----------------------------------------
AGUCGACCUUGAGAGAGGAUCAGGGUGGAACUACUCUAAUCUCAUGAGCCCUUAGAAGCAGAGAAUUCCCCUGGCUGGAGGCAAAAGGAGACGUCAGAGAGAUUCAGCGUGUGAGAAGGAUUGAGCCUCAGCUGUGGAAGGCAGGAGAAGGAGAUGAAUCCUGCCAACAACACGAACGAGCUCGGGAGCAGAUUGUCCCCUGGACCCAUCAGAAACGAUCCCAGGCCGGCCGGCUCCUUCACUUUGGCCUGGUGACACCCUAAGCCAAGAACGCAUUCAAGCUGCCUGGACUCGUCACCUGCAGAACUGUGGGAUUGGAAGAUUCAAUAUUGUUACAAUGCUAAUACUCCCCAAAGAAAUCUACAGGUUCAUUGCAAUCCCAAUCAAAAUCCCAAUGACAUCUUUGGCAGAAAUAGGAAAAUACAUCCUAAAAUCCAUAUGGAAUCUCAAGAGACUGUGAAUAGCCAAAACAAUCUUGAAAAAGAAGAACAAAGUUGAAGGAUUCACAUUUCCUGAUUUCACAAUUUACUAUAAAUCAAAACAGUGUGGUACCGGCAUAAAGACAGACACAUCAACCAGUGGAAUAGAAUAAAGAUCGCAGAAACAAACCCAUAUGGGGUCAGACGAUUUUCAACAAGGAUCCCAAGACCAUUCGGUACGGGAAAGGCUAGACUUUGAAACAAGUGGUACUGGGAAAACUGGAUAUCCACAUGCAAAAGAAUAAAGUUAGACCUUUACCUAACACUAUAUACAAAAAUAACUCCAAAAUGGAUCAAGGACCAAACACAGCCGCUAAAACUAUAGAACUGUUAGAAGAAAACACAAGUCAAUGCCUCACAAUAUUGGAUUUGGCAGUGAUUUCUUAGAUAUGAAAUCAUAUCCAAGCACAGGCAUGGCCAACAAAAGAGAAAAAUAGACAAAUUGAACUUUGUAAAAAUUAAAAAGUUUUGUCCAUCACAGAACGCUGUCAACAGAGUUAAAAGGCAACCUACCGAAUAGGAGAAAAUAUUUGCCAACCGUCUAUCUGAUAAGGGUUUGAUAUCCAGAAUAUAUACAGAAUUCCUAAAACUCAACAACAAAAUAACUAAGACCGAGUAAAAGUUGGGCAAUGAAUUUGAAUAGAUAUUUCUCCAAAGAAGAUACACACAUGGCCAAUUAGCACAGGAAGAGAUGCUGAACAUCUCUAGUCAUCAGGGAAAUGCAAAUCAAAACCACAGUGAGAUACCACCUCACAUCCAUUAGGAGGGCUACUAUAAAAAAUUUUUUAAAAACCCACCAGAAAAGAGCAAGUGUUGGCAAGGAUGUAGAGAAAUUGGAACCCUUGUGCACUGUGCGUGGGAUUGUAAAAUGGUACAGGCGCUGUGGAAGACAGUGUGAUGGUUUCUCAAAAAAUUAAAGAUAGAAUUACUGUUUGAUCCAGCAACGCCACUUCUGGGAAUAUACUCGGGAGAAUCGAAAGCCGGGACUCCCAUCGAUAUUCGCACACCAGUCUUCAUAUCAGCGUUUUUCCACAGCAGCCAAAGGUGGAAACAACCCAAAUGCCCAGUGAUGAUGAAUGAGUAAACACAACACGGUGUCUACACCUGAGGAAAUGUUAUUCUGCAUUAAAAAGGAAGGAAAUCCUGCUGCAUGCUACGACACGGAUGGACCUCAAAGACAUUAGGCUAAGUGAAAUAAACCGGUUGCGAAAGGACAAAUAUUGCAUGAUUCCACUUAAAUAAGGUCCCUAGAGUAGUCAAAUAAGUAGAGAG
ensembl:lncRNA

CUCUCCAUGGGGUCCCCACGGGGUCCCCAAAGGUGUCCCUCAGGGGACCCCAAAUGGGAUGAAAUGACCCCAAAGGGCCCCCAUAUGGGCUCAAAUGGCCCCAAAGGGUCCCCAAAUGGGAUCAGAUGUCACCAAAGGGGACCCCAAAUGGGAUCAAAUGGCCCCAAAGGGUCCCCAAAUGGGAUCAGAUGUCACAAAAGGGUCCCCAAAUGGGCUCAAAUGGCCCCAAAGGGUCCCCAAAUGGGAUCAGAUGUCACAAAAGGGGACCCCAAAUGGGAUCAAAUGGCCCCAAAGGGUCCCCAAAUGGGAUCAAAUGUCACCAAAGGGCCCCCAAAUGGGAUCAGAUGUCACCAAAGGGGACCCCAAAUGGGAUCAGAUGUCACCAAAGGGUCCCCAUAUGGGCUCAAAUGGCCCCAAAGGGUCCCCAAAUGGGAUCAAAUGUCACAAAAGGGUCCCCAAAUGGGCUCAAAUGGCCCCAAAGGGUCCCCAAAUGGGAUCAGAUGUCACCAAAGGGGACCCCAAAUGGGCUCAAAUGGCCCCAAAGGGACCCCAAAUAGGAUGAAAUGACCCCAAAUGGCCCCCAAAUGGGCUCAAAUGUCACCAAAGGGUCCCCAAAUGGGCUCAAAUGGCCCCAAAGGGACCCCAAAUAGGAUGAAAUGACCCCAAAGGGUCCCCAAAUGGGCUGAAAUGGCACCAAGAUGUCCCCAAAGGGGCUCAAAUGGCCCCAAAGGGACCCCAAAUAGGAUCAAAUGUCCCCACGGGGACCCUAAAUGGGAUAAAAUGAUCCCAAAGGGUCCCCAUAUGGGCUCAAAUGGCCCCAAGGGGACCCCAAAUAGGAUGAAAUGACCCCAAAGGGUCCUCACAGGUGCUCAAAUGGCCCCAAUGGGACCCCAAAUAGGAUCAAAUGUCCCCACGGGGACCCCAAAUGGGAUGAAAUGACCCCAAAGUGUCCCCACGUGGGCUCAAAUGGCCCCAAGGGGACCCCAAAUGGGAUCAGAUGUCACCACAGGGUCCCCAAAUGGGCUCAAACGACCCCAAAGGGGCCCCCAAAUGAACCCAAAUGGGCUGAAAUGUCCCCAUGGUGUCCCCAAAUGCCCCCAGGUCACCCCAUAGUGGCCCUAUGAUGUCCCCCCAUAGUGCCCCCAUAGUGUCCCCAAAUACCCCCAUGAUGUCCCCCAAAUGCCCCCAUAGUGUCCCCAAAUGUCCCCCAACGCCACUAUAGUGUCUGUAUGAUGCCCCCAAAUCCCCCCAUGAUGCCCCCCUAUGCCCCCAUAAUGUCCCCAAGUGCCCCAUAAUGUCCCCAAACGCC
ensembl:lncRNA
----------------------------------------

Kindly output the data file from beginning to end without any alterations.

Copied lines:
AGUCGACCUUGAGAGAGGAUCAGGGUGGAACUACUCUAAUCUCAUGAGCCCUUAGAAGCAGAGAAUUCCCCUGGCUGGAGGCAAAAGGAGACGUCAGAGAGAUUCAGCGUGUGAGAAGGAUUGAGCCUCAGCUGUGGAAGGCAGGAGAAGGAGAUGAAUCCUGCCAACAACACGAACGAGCUCGGGAGCAGAUUGUCCCCUGGACCCAUCAGAAACGAUCCCAGGCCGGCCGGCUCCUUCACUUUGGCCUGGUGACACCCUAAGCCAAGAACGCAUUCAAGCUGCCUGGACUCGUCACCUGCAGAACUGUGGGAUUGGAAGAUUCAAUAUUGUUACAAUGCUAAUACUCCCCAAAGAAAUCUACAGGUUCAUUGCAAUCCCAAUCAAAAUCCCAAUGACAUCUUUGGCAGAAAUAGGAAAAUACAUCCUAAAAUCCAUAUGGAAUCUCAAGAGACUGUGAAUAGCCAAAACAAUCUUGAAAAAGAAGAACAAAGUUGAAGGAUUCACAUUUCCUGAUUUCACAAUUUACUAUAAAUCAAAACAGUGUGGUACCGGCAUAAAGACAGACACAUCAACCAGUGGAAUAGAAUAAAGAUCGCAGAAACAAACCCAUAUGGGGUCAGACGAUUUUCAACAAGGAUCCCAAGACCAUUCGGUACGGGAAAGGCUAGACUUUGAAACAAGUGGUACUGGGAAAACUGGAUAUCCACAUGCAAAAGAAUAAAGUUAGACCUUUACCUAACACUAUAUACAAAAAUAACUCCAAAAUGGAUCAAGGACCAAACACAGCCGCUAAAACUAUAGAACUGUUAGAAGAAAACACAAGUCAAUGCCUCACAAUAUUGGAUUUGGCAGUGAUUUCUUAGAUAUGAAAUCAUAUCCAAGCACAGGCAUGGCCAACAAAAGAGAAAAAUAGACAAAUUGAACUUUGUAAAAAUUAAAAAGUUUUGUCCAUCACAGAACGCUGUCAACAGAGUUAAAAGGCAACCUACCGAAUAGGAGAAAAUAUUUGCCAACCGUCUAUCUGAUAAGGGUUUGAUAUCCAGAAUAUAUACAGAAUUCCUAAAACUCAACAACAAAAUAACUAAGACCGAGUAAAAGUUGGGCAAUGAAUUUGAAUAGAUAUUUCUCCAAAGAAGAUACACACAUGGCCAAUUAGCACAGGAAGAGAUGCUGAACAUCUCUAGUCAUCAGGGAAAUGCAAAUCAAAACCACAGUGAGAUACCACCUCACAUCCAUUAGGAGGGCUACUAUAAAAAAUUUUUUAAAAACCCACCAGAAAAGAGCAAGUGUUGGCAAGGAUGUAGAGAAAUUGGAACCCUUGUGCACUGUGCGUGGGAUUGUAAAAUGGUACAGGCGCUGUGGAAGACAGUGUGAUGGUUUCUCAAAAAAUUAAAGAUAGAAUUACUGUUUGAUCCAGCAACGCCACUUCUGGGAAUAUACUCGGGAGAAUCGAAAGCCGGGACUCCCAUCGAUAUUCGCACACCAGUCUUCAUAUCAGCGUUUUUCCACAGCAGCCAAAGGUGGAAACAACCCAAAUGCCCAGUGAUGAUGAAUGAGUAAACACAACACGGUGUCUACACCUGAGGAAAUGUUAUUCUGCAUUAAAAAGGAAGGAAAUCCUGCUGCAUGCUACGACACGGAUGGACCUCAAAGACAUUAGGCUAAGUGAAAUAAACCGGUUGCGAAAGGACAAAUAUUGCAUGAUUCCACUUAAAUAAGGUCCCUAGAGUAGUCAAAUAAGUAGAGAG
ensembl:lncRNA

CUCUCCAUGGGGUCCCCACGGGGUCCCCAAAGGUGUCCCUCAGGGGACCCCAAAUGGGAUGAAAUGACCCCAAAGGGCCCCCAUAUGGGCUCAAAUGGCCCCAAAGGGUCCCCAAAUGGGAUCAGAUGUCACCAAAGGGGACCCCAAAUGGGAUCAAAUGGCCCCAAAGGGUCCCCAAAUGGGAUCAGAUGUCACAAAAGGGUCCCCAAAUGGGCUCAAAUGGCCCCAAAGGGUCCCCAAAUGGGAUCAGAUGUCACAAAAGGGGACCCCAAAUGGGAUCAAAUGGCCCCAAAGGGUCCCCAAAUGGGAUCAAAUGUCACCAAAGGGCCCCCAAAUGGGAUCAGAUGUCACCAAAGGGGACCCCAAAUGGGAUCAGAUGUCACCAAAGGGUCCCCAUAUGGGCUCAAAUGGCCCCAAAGGGUCCCCAAAUGGGAUCAAAUGUCACAAAAGGGUCCCCAAAUGGGCUCAAAUGGCCCCAAAGGGUCCCCAAAUGGGAUCAGAUGUCACCAAAGGGGACCCCAAAUGGGCUCAAAUGGCCCCAAAGGGACCCCAAAUAGGAUGAAAUGACCCCAAAUGGCCCCCAAAUGGGCUCAAAUGUCACCAAAGGGUCCCCAAAUGGGCUCAAAUGGCCCCAAAGGGACCCCAAAUAGGAUGAAAUGACCCCAAAGGGUCCCCAAAUGGGCUGAAAUGGCACCAAGAUGUCCCCAAAGGGGCUCAAAUGGCCCCAAAGGGACCCCAAAUAGGAUCAAAUGUCCCCACGGGGACCCUAAAUGGGAUAAAAUGAUCCCAAAGGGUCCCCAUAUGGGCUCAAAUGGCCCCAAGGGGACCCCAAAUAGGAUGAAAUGACCCCAAAGGGUCCUCACAGGUGCUCAAAUGGCCCCAAUGGGACCCCAAAUAGGAUCAAAUGUCCCCACGGGGACCCCAAAUGGGAUGAAAUGACCCCAAAGUGUCCCCACGUGGGCUCAAAUGGCCCCAAGGGGACCCCAAAUGGGAUCAGAUGUCACCACAGGGUCCCCAAAUGGGCUCAAACGACCCCAAAGGGGCCCCCAAAUGAACCCAAAUGGGCUGAAAUGUCCCCAUGGUGUCCCCAAAUGCCCCCAGGUCACCCCAUAGUGGCCCUAUGAUGUCCCCCCAUAGUGCCCCCAUAGUGUCCCCAAAUACCCCCAUGAUGUCCCCCAAAUGCCCCCAUAGUGUCCCCAAAUGUCCCCCAACGCCACUAUAGUGUCUGUAUGAUGCCCCCAAAUCCCCCCAUGAUGCCCCCCUAUGCCCCCAUAAUGUCCCCAAGUGCCCCAUAAUGUCCCCAAACGCC
ensembl:lncRNA